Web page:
6  Clearly identify the landing area and agree with the candidate the required landing pattern that they will be flying, and you will be being looking for.

7  Agree on how the manoeuvres are to be carried out in (d), (g), and (i)

14 Jul 2018


Its is with great pleasure I can inform that Boston Model Aero Club has been granted Tuesday and Thursday for I.C 

The new times for I.C :

Monday, Tuesday, Wednesday, Thursday and Friday 10am to 8pm (1000hrs-2000hrs)

Saturday and Sunday 10am to 4pm (1000hrs-1600hrs)

21 Aug 2016

Air Navigation Order's

To All Member's,

An updated revision of the ANO's has been released and comes in to effect on the 25th August 2016.

for more information visit

09 Dec 2015

List for beginners on what to buy and field equipment







Hi Wing Trainer Plane                                                      

4 channel

Black horse: Excell 2000


Phoenix Models: Canary 40

                                Classic 40

 Ripmax: Wot Trainer

Thunder Tiger Models: Ready

                                          Trainer 40

Electric plane BNF E: Flite Apprentice S15e

Many planes can be Internal Combustion or Electric. The planes above will need some sort of building. There are many other planes to many to mention from ARTF to Bind’N’Fly. Only electric models are Ready to fly or BNF where all equipment is in the model. BNF will have a receiver fitted .RTF will have the electronics fitted and come with a receiver and transmitter please check to see if this can be buddy up to Spektrum or Futaba. ARTF will have nothing only the airframe, Fuel tank, Push rods and accessories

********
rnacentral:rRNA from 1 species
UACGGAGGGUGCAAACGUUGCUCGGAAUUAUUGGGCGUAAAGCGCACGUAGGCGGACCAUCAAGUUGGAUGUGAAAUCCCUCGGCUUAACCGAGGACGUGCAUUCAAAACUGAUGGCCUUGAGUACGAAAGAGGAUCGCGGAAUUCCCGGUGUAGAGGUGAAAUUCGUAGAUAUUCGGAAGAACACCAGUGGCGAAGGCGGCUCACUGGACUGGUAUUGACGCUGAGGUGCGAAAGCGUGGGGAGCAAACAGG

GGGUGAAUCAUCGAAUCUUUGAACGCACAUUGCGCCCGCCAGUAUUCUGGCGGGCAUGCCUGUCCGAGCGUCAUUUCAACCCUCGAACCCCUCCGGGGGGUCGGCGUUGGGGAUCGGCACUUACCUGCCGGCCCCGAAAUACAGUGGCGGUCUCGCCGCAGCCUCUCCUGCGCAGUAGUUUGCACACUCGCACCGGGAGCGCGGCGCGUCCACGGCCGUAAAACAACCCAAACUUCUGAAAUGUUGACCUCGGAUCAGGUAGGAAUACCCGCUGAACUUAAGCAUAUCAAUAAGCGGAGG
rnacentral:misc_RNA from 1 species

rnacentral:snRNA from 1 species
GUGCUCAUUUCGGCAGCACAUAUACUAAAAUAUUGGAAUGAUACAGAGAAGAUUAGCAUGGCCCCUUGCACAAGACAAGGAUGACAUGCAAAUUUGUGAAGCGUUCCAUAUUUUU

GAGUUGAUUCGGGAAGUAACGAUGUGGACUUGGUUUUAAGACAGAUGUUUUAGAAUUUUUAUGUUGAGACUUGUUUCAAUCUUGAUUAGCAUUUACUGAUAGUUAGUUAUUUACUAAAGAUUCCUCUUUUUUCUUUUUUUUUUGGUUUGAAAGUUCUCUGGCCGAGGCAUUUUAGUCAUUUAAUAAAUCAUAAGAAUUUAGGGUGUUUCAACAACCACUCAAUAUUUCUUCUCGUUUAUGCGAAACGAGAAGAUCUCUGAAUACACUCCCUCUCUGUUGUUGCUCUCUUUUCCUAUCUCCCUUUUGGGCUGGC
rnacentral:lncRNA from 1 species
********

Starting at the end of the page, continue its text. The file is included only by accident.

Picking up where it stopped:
ARFT Almost Ready to Fly

BNF Bind’N’Fly

RTF Ready to Fly

(Before building or connecting a battery please read the instruction booklet which comes with the kit)


2 stroke .40-.46 ASP, OS, SC

Thunder Tiger GP42

(or 4 stroke .52 this will depend on model selection and recommendations by manufactory)


Main brands used at the club are Spektrum and Futaba

Spektrum DX6 2.4ghz

Futaba T6J 2.4ghz

(Look for transmitter and receiver package)